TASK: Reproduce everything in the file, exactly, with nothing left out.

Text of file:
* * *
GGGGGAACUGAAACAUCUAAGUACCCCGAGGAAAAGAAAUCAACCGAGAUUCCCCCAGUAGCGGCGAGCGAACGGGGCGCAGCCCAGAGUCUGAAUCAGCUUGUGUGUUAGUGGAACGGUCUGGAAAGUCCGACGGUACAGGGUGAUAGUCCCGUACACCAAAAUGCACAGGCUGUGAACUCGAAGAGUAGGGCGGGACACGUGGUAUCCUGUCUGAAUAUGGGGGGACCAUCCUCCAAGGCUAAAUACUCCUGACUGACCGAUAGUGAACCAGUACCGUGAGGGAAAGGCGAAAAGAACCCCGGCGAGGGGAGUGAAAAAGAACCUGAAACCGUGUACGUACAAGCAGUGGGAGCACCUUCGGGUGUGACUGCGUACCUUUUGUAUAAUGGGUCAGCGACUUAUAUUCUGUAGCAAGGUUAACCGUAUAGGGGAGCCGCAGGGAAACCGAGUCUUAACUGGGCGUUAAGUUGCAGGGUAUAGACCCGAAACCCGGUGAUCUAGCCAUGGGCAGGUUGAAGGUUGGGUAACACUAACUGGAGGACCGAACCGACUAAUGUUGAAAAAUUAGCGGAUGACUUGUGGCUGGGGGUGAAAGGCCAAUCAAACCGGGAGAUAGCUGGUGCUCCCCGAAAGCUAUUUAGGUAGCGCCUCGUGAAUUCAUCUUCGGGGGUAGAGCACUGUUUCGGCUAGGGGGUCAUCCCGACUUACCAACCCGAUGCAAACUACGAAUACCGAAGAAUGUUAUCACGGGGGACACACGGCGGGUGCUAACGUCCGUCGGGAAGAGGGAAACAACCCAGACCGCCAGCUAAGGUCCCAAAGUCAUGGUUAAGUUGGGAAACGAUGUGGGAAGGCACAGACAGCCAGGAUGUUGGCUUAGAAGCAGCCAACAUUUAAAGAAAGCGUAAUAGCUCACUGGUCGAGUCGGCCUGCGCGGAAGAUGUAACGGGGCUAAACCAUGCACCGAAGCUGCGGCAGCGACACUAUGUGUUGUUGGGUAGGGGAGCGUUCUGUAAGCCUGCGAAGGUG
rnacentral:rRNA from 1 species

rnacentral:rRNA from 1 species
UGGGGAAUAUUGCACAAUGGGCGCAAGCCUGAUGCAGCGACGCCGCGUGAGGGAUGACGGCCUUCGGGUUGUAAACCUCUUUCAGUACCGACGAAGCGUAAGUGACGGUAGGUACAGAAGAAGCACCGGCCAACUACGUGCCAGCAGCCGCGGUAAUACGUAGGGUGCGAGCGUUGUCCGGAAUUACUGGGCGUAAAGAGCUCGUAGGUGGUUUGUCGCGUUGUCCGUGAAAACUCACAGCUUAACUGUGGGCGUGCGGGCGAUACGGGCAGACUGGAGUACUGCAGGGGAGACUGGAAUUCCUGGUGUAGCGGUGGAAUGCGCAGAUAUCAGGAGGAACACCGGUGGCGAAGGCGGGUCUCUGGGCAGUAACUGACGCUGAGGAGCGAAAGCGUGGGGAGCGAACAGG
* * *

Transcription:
GGGGGAACUGAAACAUCUAAGUACCCCGAGGAAAAGAAAUCAACCGAGAUUCCCCCAGUAGCGGCGAGCGAACGGGGCGCAGCCCAGAGUCUGAAUCAGCUUGUGUGUUAGUGGAACGGUCUGGAAAGUCCGACGGUACAGGGUGAUAGUCCCGUACACCAAAAUGCACAGGCUGUGAACUCGAAGAGUAGGGCGGGACACGUGGUAUCCUGUCUGAAUAUGGGGGGACCAUCCUCCAAGGCUAAAUACUCCUGACUGACCGAUAGUGAACCAGUACCGUGAGGGAAAGGCGAAAAGAACCCCGGCGAGGGGAGUGAAAAAGAACCUGAAACCGUGUACGUACAAGCAGUGGGAGCACCUUCGGGUGUGACUGCGUACCUUUUGUAUAAUGGGUCAGCGACUUAUAUUCUGUAGCAAGGUUAACCGUAUAGGGGAGCCGCAGGGAAACCGAGUCUUAACUGGGCGUUAAGUUGCAGGGUAUAGACCCGAAACCCGGUGAUCUAGCCAUGGGCAGGUUGAAGGUUGGGUAACACUAACUGGAGGACCGAACCGACUAAUGUUGAAAAAUUAGCGGAUGACUUGUGGCUGGGGGUGAAAGGCCAAUCAAACCGGGAGAUAGCUGGUGCUCCCCGAAAGCUAUUUAGGUAGCGCCUCGUGAAUUCAUCUUCGGGGGUAGAGCACUGUUUCGGCUAGGGGGUCAUCCCGACUUACCAACCCGAUGCAAACUACGAAUACCGAAGAAUGUUAUCACGGGGGACACACGGCGGGUGCUAACGUCCGUCGGGAAGAGGGAAACAACCCAGACCGCCAGCUAAGGUCCCAAAGUCAUGGUUAAGUUGGGAAACGAUGUGGGAAGGCACAGACAGCCAGGAUGUUGGCUUAGAAGCAGCCAACAUUUAAAGAAAGCGUAAUAGCUCACUGGUCGAGUCGGCCUGCGCGGAAGAUGUAACGGGGCUAAACCAUGCACCGAAGCUGCGGCAGCGACACUAUGUGUUGUUGGGUAGGGGAGCGUUCUGUAAGCCUGCGAAGGUG
rnacentral:rRNA from 1 species

rnacentral:rRNA from 1 species
UGGGGAAUAUUGCACAAUGGGCGCAAGCCUGAUGCAGCGACGCCGCGUGAGGGAUGACGGCCUUCGGGUUGUAAACCUCUUUCAGUACCGACGAAGCGUAAGUGACGGUAGGUACAGAAGAAGCACCGGCCAACUACGUGCCAGCAGCCGCGGUAAUACGUAGGGUGCGAGCGUUGUCCGGAAUUACUGGGCGUAAAGAGCUCGUAGGUGGUUUGUCGCGUUGUCCGUGAAAACUCACAGCUUAACUGUGGGCGUGCGGGCGAUACGGGCAGACUGGAGUACUGCAGGGGAGACUGGAAUUCCUGGUGUAGCGGUGGAAUGCGCAGAUAUCAGGAGGAACACCGGUGGCGAAGGCGGGUCUCUGGGCAGUAACUGACGCUGAGGAGCGAAAGCGUGGGGAGCGAACAGG